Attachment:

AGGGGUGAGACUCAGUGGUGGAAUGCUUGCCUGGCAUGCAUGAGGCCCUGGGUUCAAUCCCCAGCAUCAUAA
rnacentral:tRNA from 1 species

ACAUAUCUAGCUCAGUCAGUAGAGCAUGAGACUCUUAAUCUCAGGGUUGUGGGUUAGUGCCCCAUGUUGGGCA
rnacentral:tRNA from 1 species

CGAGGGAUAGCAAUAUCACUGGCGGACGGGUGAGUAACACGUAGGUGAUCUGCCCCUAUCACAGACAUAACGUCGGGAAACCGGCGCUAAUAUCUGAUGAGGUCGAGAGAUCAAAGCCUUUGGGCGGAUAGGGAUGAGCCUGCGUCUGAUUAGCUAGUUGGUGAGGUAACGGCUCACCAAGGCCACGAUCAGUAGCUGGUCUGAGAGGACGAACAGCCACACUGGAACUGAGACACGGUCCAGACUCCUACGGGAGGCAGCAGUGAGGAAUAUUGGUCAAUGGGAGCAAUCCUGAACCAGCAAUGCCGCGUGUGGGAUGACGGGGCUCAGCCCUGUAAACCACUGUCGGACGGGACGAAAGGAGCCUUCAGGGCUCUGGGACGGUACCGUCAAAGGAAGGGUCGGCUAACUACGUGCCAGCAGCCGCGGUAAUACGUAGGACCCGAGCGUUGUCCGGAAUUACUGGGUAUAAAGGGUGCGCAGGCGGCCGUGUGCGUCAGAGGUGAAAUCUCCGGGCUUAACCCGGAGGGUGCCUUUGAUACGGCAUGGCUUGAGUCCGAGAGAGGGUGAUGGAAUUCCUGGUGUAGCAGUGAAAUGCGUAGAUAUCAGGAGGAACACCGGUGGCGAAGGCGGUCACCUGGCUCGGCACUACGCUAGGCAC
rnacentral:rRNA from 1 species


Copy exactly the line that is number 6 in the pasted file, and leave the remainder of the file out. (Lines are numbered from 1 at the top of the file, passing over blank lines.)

rnacentral:rRNA from 1 species